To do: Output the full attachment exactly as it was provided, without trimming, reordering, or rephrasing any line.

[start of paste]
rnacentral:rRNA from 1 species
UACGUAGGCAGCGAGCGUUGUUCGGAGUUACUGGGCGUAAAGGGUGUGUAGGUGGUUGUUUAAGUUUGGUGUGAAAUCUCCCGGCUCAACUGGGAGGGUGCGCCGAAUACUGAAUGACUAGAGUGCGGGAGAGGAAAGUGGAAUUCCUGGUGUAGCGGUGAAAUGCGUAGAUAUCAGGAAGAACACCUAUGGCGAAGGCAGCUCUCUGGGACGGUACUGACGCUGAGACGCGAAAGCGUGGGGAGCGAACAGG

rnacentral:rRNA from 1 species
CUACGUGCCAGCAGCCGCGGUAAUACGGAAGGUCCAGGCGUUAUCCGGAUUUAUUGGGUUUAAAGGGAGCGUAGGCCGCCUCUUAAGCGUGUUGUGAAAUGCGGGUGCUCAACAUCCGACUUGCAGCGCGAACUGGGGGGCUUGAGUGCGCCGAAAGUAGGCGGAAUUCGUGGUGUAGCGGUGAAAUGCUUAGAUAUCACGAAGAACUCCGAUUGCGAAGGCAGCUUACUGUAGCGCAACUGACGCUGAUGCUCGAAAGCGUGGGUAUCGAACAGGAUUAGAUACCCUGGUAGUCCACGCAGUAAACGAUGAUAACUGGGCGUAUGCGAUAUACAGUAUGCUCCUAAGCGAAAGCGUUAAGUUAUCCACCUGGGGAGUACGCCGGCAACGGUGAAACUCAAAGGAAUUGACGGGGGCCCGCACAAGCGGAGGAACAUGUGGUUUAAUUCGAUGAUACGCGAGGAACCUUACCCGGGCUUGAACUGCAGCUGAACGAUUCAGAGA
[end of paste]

rnacentral:rRNA from 1 species
UACGUAGGCAGCGAGCGUUGUUCGGAGUUACUGGGCGUAAAGGGUGUGUAGGUGGUUGUUUAAGUUUGGUGUGAAAUCUCCCGGCUCAACUGGGAGGGUGCGCCGAAUACUGAAUGACUAGAGUGCGGGAGAGGAAAGUGGAAUUCCUGGUGUAGCGGUGAAAUGCGUAGAUAUCAGGAAGAACACCUAUGGCGAAGGCAGCUCUCUGGGACGGUACUGACGCUGAGACGCGAAAGCGUGGGGAGCGAACAGG

rnacentral:rRNA from 1 species
CUACGUGCCAGCAGCCGCGGUAAUACGGAAGGUCCAGGCGUUAUCCGGAUUUAUUGGGUUUAAAGGGAGCGUAGGCCGCCUCUUAAGCGUGUUGUGAAAUGCGGGUGCUCAACAUCCGACUUGCAGCGCGAACUGGGGGGCUUGAGUGCGCCGAAAGUAGGCGGAAUUCGUGGUGUAGCGGUGAAAUGCUUAGAUAUCACGAAGAACUCCGAUUGCGAAGGCAGCUUACUGUAGCGCAACUGACGCUGAUGCUCGAAAGCGUGGGUAUCGAACAGGAUUAGAUACCCUGGUAGUCCACGCAGUAAACGAUGAUAACUGGGCGUAUGCGAUAUACAGUAUGCUCCUAAGCGAAAGCGUUAAGUUAUCCACCUGGGGAGUACGCCGGCAACGGUGAAACUCAAAGGAAUUGACGGGGGCCCGCACAAGCGGAGGAACAUGUGGUUUAAUUCGAUGAUACGCGAGGAACCUUACCCGGGCUUGAACUGCAGCUGAACGAUUCAGAGA